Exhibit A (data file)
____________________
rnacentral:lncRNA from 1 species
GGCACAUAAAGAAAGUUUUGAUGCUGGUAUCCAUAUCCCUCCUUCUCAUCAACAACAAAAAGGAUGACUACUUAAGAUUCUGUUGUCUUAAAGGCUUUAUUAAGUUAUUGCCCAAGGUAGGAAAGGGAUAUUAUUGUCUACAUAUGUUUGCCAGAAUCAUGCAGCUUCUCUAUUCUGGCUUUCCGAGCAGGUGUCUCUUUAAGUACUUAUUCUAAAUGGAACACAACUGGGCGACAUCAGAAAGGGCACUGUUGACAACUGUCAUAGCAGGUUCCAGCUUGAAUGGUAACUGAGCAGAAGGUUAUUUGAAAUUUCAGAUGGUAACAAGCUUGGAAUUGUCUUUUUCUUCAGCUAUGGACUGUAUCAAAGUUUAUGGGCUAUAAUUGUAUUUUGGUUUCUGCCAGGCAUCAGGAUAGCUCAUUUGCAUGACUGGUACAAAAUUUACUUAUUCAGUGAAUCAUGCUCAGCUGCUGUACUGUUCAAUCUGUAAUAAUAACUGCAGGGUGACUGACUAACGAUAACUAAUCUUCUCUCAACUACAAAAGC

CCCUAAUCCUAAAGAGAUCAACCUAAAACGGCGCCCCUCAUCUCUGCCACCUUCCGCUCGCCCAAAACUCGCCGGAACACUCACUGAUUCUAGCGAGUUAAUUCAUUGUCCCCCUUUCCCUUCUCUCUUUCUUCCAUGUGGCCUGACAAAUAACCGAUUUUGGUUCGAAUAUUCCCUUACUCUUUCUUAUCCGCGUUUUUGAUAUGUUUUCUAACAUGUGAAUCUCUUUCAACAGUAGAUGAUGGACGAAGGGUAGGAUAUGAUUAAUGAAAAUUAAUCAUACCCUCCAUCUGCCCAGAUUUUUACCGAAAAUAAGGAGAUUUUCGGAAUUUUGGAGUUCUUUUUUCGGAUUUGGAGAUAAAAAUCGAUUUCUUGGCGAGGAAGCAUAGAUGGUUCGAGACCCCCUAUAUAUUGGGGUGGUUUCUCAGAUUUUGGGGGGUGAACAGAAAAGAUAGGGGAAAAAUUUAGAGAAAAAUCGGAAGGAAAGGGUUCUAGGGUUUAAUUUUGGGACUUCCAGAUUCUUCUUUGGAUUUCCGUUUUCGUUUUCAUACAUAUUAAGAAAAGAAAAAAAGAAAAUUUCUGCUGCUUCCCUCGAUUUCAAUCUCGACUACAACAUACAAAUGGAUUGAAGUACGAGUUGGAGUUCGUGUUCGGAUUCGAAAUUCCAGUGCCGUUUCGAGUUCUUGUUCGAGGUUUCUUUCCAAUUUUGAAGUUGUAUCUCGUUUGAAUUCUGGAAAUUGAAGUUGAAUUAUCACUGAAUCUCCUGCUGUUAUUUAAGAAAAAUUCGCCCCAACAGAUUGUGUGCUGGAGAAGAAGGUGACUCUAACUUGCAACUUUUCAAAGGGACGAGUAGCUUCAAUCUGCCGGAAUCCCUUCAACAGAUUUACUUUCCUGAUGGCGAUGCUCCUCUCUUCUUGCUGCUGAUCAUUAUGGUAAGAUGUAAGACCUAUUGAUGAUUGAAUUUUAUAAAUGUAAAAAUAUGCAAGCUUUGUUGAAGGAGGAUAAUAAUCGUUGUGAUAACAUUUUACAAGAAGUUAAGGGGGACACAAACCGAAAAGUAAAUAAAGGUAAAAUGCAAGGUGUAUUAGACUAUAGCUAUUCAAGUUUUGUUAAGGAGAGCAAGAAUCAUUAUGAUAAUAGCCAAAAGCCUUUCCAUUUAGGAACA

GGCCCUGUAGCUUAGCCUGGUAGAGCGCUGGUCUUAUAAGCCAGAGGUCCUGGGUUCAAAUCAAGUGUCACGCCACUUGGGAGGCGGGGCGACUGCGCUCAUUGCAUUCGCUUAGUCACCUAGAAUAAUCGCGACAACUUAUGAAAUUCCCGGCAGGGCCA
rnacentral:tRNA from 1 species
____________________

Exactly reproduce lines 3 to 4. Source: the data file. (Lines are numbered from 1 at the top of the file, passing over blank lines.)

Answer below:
CCCUAAUCCUAAAGAGAUCAACCUAAAACGGCGCCCCUCAUCUCUGCCACCUUCCGCUCGCCCAAAACUCGCCGGAACACUCACUGAUUCUAGCGAGUUAAUUCAUUGUCCCCCUUUCCCUUCUCUCUUUCUUCCAUGUGGCCUGACAAAUAACCGAUUUUGGUUCGAAUAUUCCCUUACUCUUUCUUAUCCGCGUUUUUGAUAUGUUUUCUAACAUGUGAAUCUCUUUCAACAGUAGAUGAUGGACGAAGGGUAGGAUAUGAUUAAUGAAAAUUAAUCAUACCCUCCAUCUGCCCAGAUUUUUACCGAAAAUAAGGAGAUUUUCGGAAUUUUGGAGUUCUUUUUUCGGAUUUGGAGAUAAAAAUCGAUUUCUUGGCGAGGAAGCAUAGAUGGUUCGAGACCCCCUAUAUAUUGGGGUGGUUUCUCAGAUUUUGGGGGGUGAACAGAAAAGAUAGGGGAAAAAUUUAGAGAAAAAUCGGAAGGAAAGGGUUCUAGGGUUUAAUUUUGGGACUUCCAGAUUCUUCUUUGGAUUUCCGUUUUCGUUUUCAUACAUAUUAAGAAAAGAAAAAAAGAAAAUUUCUGCUGCUUCCCUCGAUUUCAAUCUCGACUACAACAUACAAAUGGAUUGAAGUACGAGUUGGAGUUCGUGUUCGGAUUCGAAAUUCCAGUGCCGUUUCGAGUUCUUGUUCGAGGUUUCUUUCCAAUUUUGAAGUUGUAUCUCGUUUGAAUUCUGGAAAUUGAAGUUGAAUUAUCACUGAAUCUCCUGCUGUUAUUUAAGAAAAAUUCGCCCCAACAGAUUGUGUGCUGGAGAAGAAGGUGACUCUAACUUGCAACUUUUCAAAGGGACGAGUAGCUUCAAUCUGCCGGAAUCCCUUCAACAGAUUUACUUUCCUGAUGGCGAUGCUCCUCUCUUCUUGCUGCUGAUCAUUAUGGUAAGAUGUAAGACCUAUUGAUGAUUGAAUUUUAUAAAUGUAAAAAUAUGCAAGCUUUGUUGAAGGAGGAUAAUAAUCGUUGUGAUAACAUUUUACAAGAAGUUAAGGGGGACACAAACCGAAAAGUAAAUAAAGGUAAAAUGCAAGGUGUAUUAGACUAUAGCUAUUCAAGUUUUGUUAAGGAGAGCAAGAAUCAUUAUGAUAAUAGCCAAAAGCCUUUCCAUUUAGGAACA

GGCCCUGUAGCUUAGCCUGGUAGAGCGCUGGUCUUAUAAGCCAGAGGUCCUGGGUUCAAAUCAAGUGUCACGCCACUUGGGAGGCGGGGCGACUGCGCUCAUUGCAUUCGCUUAGUCACCUAGAAUAAUCGCGACAACUUAUGAAAUUCCCGGCAGGGCCA